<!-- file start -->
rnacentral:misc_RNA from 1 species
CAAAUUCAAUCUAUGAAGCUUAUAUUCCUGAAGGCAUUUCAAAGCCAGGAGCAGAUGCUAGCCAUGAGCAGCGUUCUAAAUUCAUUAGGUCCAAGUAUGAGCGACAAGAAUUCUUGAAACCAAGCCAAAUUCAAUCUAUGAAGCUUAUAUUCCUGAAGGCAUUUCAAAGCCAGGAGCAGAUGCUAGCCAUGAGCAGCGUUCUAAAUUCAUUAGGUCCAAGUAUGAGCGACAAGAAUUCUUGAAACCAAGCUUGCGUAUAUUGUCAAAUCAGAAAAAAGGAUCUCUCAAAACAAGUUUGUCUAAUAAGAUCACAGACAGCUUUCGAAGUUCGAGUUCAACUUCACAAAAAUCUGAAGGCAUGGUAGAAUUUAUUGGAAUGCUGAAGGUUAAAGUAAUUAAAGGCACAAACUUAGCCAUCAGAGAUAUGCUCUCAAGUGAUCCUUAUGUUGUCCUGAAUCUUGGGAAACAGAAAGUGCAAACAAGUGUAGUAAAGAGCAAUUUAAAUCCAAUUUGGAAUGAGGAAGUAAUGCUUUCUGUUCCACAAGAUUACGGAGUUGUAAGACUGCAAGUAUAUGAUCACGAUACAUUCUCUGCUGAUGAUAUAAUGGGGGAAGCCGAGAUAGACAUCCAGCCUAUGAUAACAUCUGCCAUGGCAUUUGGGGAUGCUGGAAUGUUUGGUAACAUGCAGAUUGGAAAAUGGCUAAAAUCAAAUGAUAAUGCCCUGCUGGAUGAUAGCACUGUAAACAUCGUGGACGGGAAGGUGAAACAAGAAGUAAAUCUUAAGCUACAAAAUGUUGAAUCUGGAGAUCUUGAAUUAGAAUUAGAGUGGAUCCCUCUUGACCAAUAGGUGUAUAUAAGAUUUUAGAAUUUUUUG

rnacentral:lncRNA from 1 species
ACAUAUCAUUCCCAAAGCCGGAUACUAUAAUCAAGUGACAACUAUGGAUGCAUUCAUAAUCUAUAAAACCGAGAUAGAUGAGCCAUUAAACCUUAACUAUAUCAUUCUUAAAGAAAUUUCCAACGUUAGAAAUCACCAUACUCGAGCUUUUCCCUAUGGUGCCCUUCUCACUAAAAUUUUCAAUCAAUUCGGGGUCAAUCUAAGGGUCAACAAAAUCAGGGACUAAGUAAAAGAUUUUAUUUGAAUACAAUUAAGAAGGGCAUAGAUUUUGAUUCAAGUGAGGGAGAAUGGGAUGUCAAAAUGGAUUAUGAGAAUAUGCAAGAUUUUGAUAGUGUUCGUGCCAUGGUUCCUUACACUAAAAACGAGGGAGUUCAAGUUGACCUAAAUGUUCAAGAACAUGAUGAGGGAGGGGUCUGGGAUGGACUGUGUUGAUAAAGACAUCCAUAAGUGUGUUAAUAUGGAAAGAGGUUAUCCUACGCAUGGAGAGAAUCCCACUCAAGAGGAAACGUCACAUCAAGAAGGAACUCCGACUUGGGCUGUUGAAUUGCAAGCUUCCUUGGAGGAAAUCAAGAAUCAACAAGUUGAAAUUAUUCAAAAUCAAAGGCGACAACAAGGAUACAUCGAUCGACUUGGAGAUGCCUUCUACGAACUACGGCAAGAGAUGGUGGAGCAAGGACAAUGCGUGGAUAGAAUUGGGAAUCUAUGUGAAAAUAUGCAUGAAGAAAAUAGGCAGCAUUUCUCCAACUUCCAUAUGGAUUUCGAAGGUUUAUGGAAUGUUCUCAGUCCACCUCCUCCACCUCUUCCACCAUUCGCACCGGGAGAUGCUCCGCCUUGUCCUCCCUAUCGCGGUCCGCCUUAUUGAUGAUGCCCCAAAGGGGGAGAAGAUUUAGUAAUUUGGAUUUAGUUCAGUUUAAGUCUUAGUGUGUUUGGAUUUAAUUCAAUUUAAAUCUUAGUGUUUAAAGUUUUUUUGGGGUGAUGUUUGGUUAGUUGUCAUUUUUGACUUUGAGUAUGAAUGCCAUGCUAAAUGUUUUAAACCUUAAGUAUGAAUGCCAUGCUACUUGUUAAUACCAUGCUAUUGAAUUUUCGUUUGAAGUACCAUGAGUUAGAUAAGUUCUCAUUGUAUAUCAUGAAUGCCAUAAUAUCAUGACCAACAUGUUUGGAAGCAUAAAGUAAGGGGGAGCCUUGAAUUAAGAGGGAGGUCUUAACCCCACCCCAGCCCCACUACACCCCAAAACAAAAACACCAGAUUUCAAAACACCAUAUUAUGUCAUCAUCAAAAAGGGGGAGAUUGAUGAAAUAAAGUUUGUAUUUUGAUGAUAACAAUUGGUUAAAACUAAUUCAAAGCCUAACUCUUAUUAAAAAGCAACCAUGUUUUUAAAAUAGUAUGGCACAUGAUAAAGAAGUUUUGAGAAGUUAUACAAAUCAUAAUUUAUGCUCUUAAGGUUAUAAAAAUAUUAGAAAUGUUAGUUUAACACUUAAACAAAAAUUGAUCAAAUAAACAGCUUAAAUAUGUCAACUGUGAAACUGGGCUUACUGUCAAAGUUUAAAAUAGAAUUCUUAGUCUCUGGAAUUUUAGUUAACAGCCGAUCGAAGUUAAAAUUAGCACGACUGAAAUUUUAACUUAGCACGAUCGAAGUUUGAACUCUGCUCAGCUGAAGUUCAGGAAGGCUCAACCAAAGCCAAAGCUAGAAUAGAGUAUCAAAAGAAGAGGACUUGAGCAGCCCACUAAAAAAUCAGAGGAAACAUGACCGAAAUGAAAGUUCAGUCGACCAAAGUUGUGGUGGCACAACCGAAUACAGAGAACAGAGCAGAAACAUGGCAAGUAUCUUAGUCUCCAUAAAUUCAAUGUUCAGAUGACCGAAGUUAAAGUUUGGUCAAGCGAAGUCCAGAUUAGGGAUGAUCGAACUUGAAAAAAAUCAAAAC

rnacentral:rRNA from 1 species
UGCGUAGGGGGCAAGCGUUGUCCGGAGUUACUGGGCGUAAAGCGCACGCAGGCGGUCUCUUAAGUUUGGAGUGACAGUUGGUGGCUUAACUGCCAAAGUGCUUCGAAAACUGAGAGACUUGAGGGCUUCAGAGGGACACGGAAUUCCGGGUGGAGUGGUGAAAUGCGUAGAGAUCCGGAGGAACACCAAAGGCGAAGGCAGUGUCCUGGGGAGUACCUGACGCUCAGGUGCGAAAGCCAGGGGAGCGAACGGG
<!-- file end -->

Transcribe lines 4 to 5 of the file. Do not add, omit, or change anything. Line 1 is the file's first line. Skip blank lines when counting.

ACAUAUCAUUCCCAAAGCCGGAUACUAUAAUCAAGUGACAACUAUGGAUGCAUUCAUAAUCUAUAAAACCGAGAUAGAUGAGCCAUUAAACCUUAACUAUAUCAUUCUUAAAGAAAUUUCCAACGUUAGAAAUCACCAUACUCGAGCUUUUCCCUAUGGUGCCCUUCUCACUAAAAUUUUCAAUCAAUUCGGGGUCAAUCUAAGGGUCAACAAAAUCAGGGACUAAGUAAAAGAUUUUAUUUGAAUACAAUUAAGAAGGGCAUAGAUUUUGAUUCAAGUGAGGGAGAAUGGGAUGUCAAAAUGGAUUAUGAGAAUAUGCAAGAUUUUGAUAGUGUUCGUGCCAUGGUUCCUUACACUAAAAACGAGGGAGUUCAAGUUGACCUAAAUGUUCAAGAACAUGAUGAGGGAGGGGUCUGGGAUGGACUGUGUUGAUAAAGACAUCCAUAAGUGUGUUAAUAUGGAAAGAGGUUAUCCUACGCAUGGAGAGAAUCCCACUCAAGAGGAAACGUCACAUCAAGAAGGAACUCCGACUUGGGCUGUUGAAUUGCAAGCUUCCUUGGAGGAAAUCAAGAAUCAACAAGUUGAAAUUAUUCAAAAUCAAAGGCGACAACAAGGAUACAUCGAUCGACUUGGAGAUGCCUUCUACGAACUACGGCAAGAGAUGGUGGAGCAAGGACAAUGCGUGGAUAGAAUUGGGAAUCUAUGUGAAAAUAUGCAUGAAGAAAAUAGGCAGCAUUUCUCCAACUUCCAUAUGGAUUUCGAAGGUUUAUGGAAUGUUCUCAGUCCACCUCCUCCACCUCUUCCACCAUUCGCACCGGGAGAUGCUCCGCCUUGUCCUCCCUAUCGCGGUCCGCCUUAUUGAUGAUGCCCCAAAGGGGGAGAAGAUUUAGUAAUUUGGAUUUAGUUCAGUUUAAGUCUUAGUGUGUUUGGAUUUAAUUCAAUUUAAAUCUUAGUGUUUAAAGUUUUUUUGGGGUGAUGUUUGGUUAGUUGUCAUUUUUGACUUUGAGUAUGAAUGCCAUGCUAAAUGUUUUAAACCUUAAGUAUGAAUGCCAUGCUACUUGUUAAUACCAUGCUAUUGAAUUUUCGUUUGAAGUACCAUGAGUUAGAUAAGUUCUCAUUGUAUAUCAUGAAUGCCAUAAUAUCAUGACCAACAUGUUUGGAAGCAUAAAGUAAGGGGGAGCCUUGAAUUAAGAGGGAGGUCUUAACCCCACCCCAGCCCCACUACACCCCAAAACAAAAACACCAGAUUUCAAAACACCAUAUUAUGUCAUCAUCAAAAAGGGGGAGAUUGAUGAAAUAAAGUUUGUAUUUUGAUGAUAACAAUUGGUUAAAACUAAUUCAAAGCCUAACUCUUAUUAAAAAGCAACCAUGUUUUUAAAAUAGUAUGGCACAUGAUAAAGAAGUUUUGAGAAGUUAUACAAAUCAUAAUUUAUGCUCUUAAGGUUAUAAAAAUAUUAGAAAUGUUAGUUUAACACUUAAACAAAAAUUGAUCAAAUAAACAGCUUAAAUAUGUCAACUGUGAAACUGGGCUUACUGUCAAAGUUUAAAAUAGAAUUCUUAGUCUCUGGAAUUUUAGUUAACAGCCGAUCGAAGUUAAAAUUAGCACGACUGAAAUUUUAACUUAGCACGAUCGAAGUUUGAACUCUGCUCAGCUGAAGUUCAGGAAGGCUCAACCAAAGCCAAAGCUAGAAUAGAGUAUCAAAAGAAGAGGACUUGAGCAGCCCACUAAAAAAUCAGAGGAAACAUGACCGAAAUGAAAGUUCAGUCGACCAAAGUUGUGGUGGCACAACCGAAUACAGAGAACAGAGCAGAAACAUGGCAAGUAUCUUAGUCUCCAUAAAUUCAAUGUUCAGAUGACCGAAGUUAAAGUUUGGUCAAGCGAAGUCCAGAUUAGGGAUGAUCGAACUUGAAAAAAAUCAAAAC

rnacentral:rRNA from 1 species